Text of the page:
When people move to a new environment, they might experience a sense of discomfort. Consider a situation when a person enters a room that has an extremely foul smell. Initially the environment is overwhelming and the person feels like vomiting. However, with perseverance the foul smell seem to reduce in intensity and no longer overwhelms the person.
The person has gotten over the smell and can live with it. The sensory nerves thus stop being sensitive to the strong smell and adapt to the environment. Psychologists have termed this phenomenon as sensory adaptation. This adaptation helps people to live comfortably in new environments and still balance the need to receive sensory stimulus.
Sensory adaptation is possible to all the five senses namely, sight, sound, touch smell and taste. However, the sensation that does not adapt easily is the sense of pain. In the event that a person is burnt, the smell of burnt flesh disappears quickly but the pain lingers on for longer period (Smith & Wallace, 2011). The purpose of this paper is to describe the process of sensory adaptation in human beings through a series of experiments.
The first experiment involves the sense of touch. I rubbed my index finger over a very coarse sand paper for one minute. On a scale of 1 to 7, where 7 is very course, I rated the paper at 7. I waited for minute and rubbed with the same finger again. However, upon the second turn the paper seemed less coarse. I rated its level of coarseness at four. My sense of touch had become less sensitive to the sense of touch.
During the process of the experiments, a number of sensory activities took place in my nervous system. Upon touching the sandpaper, the dendrites receive the stimulus and process it in the cell body. After processing, this information is transferred by the axon as a chemical signal through the synapse, which may or may not be located in that muscle cell.
This chemical message, the neurotransmitter, is picked by the sensory neurons and transmitted to the brain through the spinal tract located in the spinal cord. Inside the brain, the cerebrum receives this stimulation, which is then transferred to the Somatosensory Cortex. This organ in the brain perceives the level of the coarseness of the sandpaper and immediately reacts by sending a message back to the finger through the motor neurons.
This message commands the sensory cells to become less sensitive to stimulation. Thus the sandpaper seems less coarse a second time (Slideshare, 2011; Moini, 2008). This seems to be a very long process but it takes millisecond from initiation to completion. This is because the central nervous system is equipped to respond to stimulus and make split second decision.
The second experiment involved the sense of taste. I took two glasses of water and added sugar into one. I sipped the water from the glass that I had added sugar and swished in my mouth for about fifteen seconds. I noticed that my sweet glands became less sensitive to the sweetness of water towards the end the fifteenth second.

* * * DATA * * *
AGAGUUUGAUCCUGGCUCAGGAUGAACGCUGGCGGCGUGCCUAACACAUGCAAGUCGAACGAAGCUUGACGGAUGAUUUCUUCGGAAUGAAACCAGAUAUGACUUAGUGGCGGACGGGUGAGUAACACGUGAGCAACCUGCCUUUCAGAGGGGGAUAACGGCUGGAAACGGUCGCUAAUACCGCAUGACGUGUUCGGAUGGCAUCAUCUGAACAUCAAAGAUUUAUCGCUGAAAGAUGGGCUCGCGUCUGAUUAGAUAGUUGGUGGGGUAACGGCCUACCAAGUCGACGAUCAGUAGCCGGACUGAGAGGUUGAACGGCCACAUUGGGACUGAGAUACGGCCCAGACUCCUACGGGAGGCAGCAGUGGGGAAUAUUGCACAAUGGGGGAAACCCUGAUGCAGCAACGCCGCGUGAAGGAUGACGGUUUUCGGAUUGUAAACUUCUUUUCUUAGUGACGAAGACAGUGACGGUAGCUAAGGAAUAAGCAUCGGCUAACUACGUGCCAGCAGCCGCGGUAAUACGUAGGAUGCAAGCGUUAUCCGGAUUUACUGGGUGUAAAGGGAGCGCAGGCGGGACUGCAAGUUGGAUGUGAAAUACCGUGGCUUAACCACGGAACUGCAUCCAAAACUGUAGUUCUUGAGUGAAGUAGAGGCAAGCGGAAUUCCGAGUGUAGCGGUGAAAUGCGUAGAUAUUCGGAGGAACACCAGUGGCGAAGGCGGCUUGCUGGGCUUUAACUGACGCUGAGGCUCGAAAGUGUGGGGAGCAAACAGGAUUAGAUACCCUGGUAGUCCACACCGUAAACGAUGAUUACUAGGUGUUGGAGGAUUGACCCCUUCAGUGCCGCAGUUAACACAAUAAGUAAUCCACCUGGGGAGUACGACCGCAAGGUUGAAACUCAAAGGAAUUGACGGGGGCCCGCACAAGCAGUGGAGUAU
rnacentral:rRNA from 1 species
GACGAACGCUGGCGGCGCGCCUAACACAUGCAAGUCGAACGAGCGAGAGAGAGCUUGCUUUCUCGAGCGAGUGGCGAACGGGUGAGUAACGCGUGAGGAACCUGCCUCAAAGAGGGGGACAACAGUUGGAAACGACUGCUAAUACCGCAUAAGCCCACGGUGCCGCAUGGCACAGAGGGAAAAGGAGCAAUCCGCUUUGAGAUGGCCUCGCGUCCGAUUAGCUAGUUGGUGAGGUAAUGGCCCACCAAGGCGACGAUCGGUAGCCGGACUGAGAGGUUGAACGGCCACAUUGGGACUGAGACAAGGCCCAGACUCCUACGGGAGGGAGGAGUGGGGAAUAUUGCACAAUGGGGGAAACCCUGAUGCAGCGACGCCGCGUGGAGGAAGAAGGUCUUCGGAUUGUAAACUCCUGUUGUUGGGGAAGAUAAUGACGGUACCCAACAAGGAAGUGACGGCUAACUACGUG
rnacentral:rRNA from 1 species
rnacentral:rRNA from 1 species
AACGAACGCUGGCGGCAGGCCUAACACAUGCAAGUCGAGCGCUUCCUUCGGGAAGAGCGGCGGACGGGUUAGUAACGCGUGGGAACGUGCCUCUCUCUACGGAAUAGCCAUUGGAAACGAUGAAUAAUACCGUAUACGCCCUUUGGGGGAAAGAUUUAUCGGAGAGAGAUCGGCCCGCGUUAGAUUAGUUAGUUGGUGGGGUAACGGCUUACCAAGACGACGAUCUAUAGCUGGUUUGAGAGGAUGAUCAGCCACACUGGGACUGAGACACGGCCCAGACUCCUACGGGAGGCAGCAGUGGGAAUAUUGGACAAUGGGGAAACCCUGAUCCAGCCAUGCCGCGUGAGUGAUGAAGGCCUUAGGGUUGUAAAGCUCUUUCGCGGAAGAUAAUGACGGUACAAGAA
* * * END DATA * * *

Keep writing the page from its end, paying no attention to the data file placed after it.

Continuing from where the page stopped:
I then sipped the sugarless water in swished it in my mouth for a few seconds. I noticed that the water tasted salty, despite the fact that I had not put any salt into the water. There was sensory adaptation in my taste buds when I tasted water with sugar. My senses became excessively stimulated that when I tasted the sugarless water it seemed salty.
The taste cells in the taste buds pick up the very sweet sense, which is dissolved into the taste pore. The taste pore transducts the chemical message to the nerves, and the neurotransmitter is then activated and transferred to the synapses into the brain. This releases electrolytes, which connect with receptors located inside the taste membrane. This stimulates numerous taste buds in the tongue that can detect the strong taste of sugar (Slideshare, 2011).
The above experiments prove that human beings are equipped to adapt to different environments. Adaptation is the natural way of responding to new environments, it is an “automatic relationship between input of a new environment and the physical response of organism” (Edward, 2002).
It is natural for human beings to adapt to new environments. Adaptation may occur through natural selection where the best-fitted human beings survive in a new environment. This exposure will result in the necessary phenotypic adaptation. The human genotype responds by aligning the genotypic make up which is transferred to the subsequent offspring and thus evolutionary adaptation occurs.
In conclusion, human beings are biologically equipped to adapt to new environments. Our senses progressively become less sensitive to new stimuli, thus making it easy to live in that new environment. Evolution is a product of adaptation. However, not all living things adapt to new environment easily as they may have physiological weaknesses. On the short term, individuals develop complications. But when exposed to new environment for a longer time extinction occurs.
List of references
Edward, L. (2002). Evolutionary psychology: An emerging integrative perspective within the science and practice of psychology. The Human Nature Review, 2(17-61).
Moini, J. (2008). Focus on pharmacology: Essentials for health professional. Upper Saddle River, NJ: Prentice Hall
Slide share (2011). Sensory adaptation experiment. Retrieved February 10, 2011, from
Smith S. & Wallace, O (2011). What is sensory adaptation? Wisegeek. Retrieved February 10, 2011